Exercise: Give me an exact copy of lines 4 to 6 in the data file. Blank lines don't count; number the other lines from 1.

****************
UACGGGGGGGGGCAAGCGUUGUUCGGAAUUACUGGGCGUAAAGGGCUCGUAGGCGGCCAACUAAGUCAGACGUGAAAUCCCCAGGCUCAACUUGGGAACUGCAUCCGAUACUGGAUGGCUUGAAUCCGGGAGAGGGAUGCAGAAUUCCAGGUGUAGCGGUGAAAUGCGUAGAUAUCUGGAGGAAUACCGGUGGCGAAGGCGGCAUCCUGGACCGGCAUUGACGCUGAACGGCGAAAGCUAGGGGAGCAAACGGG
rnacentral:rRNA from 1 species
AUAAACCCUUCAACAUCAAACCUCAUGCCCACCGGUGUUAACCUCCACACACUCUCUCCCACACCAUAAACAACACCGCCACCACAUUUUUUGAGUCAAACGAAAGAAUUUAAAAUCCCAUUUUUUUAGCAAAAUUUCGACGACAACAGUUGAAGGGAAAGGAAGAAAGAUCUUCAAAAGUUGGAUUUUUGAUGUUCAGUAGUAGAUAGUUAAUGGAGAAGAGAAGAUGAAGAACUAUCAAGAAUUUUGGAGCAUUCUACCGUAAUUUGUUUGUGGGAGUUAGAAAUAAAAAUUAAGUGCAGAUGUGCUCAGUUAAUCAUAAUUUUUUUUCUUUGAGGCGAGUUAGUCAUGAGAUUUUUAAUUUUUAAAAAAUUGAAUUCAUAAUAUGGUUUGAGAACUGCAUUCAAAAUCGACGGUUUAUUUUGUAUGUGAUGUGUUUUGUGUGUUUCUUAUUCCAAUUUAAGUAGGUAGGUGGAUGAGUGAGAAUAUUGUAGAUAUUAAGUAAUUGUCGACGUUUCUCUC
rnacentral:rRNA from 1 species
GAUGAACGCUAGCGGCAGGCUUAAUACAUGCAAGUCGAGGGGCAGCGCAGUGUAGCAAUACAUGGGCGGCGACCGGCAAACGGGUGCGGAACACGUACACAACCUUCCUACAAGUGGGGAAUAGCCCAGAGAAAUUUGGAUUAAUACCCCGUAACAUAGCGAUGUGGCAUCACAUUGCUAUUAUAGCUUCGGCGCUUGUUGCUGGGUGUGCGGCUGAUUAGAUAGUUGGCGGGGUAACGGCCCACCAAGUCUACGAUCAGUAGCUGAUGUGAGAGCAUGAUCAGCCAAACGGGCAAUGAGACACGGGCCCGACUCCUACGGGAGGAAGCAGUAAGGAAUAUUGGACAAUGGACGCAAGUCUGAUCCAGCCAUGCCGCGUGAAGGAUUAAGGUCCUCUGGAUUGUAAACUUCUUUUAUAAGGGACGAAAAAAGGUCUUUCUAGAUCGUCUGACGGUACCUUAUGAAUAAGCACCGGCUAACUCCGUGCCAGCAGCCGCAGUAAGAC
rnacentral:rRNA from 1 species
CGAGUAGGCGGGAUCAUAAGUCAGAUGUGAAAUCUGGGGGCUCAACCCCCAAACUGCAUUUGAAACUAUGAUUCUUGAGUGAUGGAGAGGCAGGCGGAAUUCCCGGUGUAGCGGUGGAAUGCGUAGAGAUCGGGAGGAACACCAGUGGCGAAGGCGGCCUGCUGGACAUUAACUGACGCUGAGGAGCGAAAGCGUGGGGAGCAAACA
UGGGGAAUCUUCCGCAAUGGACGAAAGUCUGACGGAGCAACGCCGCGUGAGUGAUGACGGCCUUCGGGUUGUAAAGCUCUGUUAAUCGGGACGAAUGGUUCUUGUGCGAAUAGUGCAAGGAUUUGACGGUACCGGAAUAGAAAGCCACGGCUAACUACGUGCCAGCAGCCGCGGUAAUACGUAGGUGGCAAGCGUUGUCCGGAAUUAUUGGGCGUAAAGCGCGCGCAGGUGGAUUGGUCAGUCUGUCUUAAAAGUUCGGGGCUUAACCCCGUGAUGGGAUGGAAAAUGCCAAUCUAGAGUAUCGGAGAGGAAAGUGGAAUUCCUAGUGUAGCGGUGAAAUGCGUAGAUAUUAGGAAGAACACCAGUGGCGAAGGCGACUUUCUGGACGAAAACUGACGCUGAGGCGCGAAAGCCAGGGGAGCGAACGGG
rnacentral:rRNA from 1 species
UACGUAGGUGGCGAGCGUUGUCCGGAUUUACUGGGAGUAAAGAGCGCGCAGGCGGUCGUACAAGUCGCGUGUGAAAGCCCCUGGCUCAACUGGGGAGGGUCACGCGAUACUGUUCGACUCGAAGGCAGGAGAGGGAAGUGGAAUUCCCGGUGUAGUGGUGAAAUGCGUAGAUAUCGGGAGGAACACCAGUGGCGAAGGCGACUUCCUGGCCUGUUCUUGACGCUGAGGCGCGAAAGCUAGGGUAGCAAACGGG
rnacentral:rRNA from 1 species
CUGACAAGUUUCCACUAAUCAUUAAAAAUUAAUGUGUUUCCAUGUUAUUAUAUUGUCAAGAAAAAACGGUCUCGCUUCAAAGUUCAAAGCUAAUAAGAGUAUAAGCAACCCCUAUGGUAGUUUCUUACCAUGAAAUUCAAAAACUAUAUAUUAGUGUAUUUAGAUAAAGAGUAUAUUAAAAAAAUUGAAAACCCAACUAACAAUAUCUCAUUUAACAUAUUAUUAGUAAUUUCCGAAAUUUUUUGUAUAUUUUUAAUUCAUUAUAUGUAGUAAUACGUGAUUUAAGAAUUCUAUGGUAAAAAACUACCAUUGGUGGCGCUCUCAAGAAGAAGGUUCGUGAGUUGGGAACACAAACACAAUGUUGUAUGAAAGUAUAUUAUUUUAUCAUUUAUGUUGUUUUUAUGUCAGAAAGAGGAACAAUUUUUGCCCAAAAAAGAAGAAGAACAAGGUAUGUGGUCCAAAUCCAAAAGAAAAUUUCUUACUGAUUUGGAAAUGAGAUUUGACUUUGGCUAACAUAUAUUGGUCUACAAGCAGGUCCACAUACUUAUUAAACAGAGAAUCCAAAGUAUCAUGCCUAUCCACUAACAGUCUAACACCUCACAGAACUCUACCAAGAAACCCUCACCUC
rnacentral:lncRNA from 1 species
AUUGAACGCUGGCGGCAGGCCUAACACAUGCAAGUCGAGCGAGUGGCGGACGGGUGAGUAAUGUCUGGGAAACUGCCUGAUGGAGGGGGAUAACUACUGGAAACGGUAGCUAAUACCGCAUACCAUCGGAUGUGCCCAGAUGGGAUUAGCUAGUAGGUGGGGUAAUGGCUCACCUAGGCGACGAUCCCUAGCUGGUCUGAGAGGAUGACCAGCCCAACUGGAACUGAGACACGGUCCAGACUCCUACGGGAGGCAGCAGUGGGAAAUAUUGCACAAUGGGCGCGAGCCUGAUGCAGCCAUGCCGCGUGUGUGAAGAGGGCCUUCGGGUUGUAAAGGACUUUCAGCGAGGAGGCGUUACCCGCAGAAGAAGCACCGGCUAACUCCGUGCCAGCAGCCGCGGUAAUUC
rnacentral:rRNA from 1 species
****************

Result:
rnacentral:rRNA from 1 species
GAUGAACGCUAGCGGCAGGCUUAAUACAUGCAAGUCGAGGGGCAGCGCAGUGUAGCAAUACAUGGGCGGCGACCGGCAAACGGGUGCGGAACACGUACACAACCUUCCUACAAGUGGGGAAUAGCCCAGAGAAAUUUGGAUUAAUACCCCGUAACAUAGCGAUGUGGCAUCACAUUGCUAUUAUAGCUUCGGCGCUUGUUGCUGGGUGUGCGGCUGAUUAGAUAGUUGGCGGGGUAACGGCCCACCAAGUCUACGAUCAGUAGCUGAUGUGAGAGCAUGAUCAGCCAAACGGGCAAUGAGACACGGGCCCGACUCCUACGGGAGGAAGCAGUAAGGAAUAUUGGACAAUGGACGCAAGUCUGAUCCAGCCAUGCCGCGUGAAGGAUUAAGGUCCUCUGGAUUGUAAACUUCUUUUAUAAGGGACGAAAAAAGGUCUUUCUAGAUCGUCUGACGGUACCUUAUGAAUAAGCACCGGCUAACUCCGUGCCAGCAGCCGCAGUAAGAC
rnacentral:rRNA from 1 species